Allergic conjunctivitis lasts over one month and is often of a dual nature. The main symptoms are strong itching, pain in the eyes, oedema of the pupils. Exacerbation of the disease increases the eye itching. During slight improvement periods the patient complaints of the existence of a foreign body in the eye and a feeling of discomfort.
Depending on the causes of the disorder, there are several forms of allergic conjunctivitis
- Alimentary conjunctivitis (food)
- Seasonal conjunctivitis
- Helminthic (parasitic)
- Allergic infectious
- Spring catarrh
In case of conjunctivitis, the patient should not rub the eyes. It is important to follow personal hygiene rules, wash hands, and use a separate towel so as not to pass on the disease to other members of the family.
Treatment for conjunctivitis
The treatment for conjunctivitis is mainly through local administration: eye drops or special medications. General treatment is rarely practiced and mainly done in the case if the cornea of weakened children is involved in the disorder; but even this is not always the case. Antibiotics are not recommended because the pathogen develops immunity to the drug and the drug may cause allergy. General treatment is applied to combat accompanying general diseases. In case of viral conjunctivitis, general treatment is seldom applied and only in the form of antivirals.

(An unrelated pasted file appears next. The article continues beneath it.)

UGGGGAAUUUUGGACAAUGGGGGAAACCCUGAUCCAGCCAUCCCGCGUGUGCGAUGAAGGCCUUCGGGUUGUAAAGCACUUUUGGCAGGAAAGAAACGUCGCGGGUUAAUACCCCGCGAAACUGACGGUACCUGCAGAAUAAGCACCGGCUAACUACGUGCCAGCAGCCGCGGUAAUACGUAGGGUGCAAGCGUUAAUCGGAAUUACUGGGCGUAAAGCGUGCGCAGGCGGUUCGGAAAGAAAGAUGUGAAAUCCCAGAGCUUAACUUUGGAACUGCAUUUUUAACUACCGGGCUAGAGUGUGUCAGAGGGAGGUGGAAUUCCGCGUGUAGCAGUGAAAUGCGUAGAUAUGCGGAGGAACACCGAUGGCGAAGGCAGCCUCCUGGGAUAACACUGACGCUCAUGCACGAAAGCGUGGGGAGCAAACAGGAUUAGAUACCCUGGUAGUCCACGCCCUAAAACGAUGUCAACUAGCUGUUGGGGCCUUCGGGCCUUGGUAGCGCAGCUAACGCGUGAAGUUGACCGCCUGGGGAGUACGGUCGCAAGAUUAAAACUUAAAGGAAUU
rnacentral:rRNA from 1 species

Many people erroneously believe that conjunctivitis is a disorder which will disappear by itself. This happens sometimes, particularly with bacterial or viral conjunctivitis. When a child recovers from the flu or an acute respiratory inflammation, conjunctivitis disappears along with the other infections. It is not recommended to cure conjunctivitis of your child by yourself. Be sure to make an appointment with a doctor at a specialized clinic where specialists will offer a correct course of treatment depending on the nature of the disorder and other factors.
Medication and integrated local therapy are the most effective forms of treatment. Immune-boosting drugs, polyvitamins, and irrigation of the eyes are also recommended. Besides, it is essential to adhere to personal hygiene.
Treatment of allergic conjunctivitis takes a long time and needs the application of local and general medications. Specialists single out a specific therapy for allergic conjunctivitis based on terminating contact with the assumed allergen and boosting resistibility to it. The main disadvantage of this therapy is its duration (months). A non-specific therapy is performed in cases when the allergen has not been identified. It is done on a course basis and the effect is achieved two weeks after the beginning of the treatment. Quite often additional methods of diagnostics and consultations with allergists are required.
The spread of conjunctivitis, its high contagious degree requires timely identification of the disorder, correct treatment and measures to stop its progression.
Immediately after the first symptoms of conjunctivitis are noticed in one eye of the child, the parents shall take measures to prevent the disorder from affecting the other eye and safeguarding the other members of the family. The child should not join any group of children and be shown to an ophthalmologist as early as possible.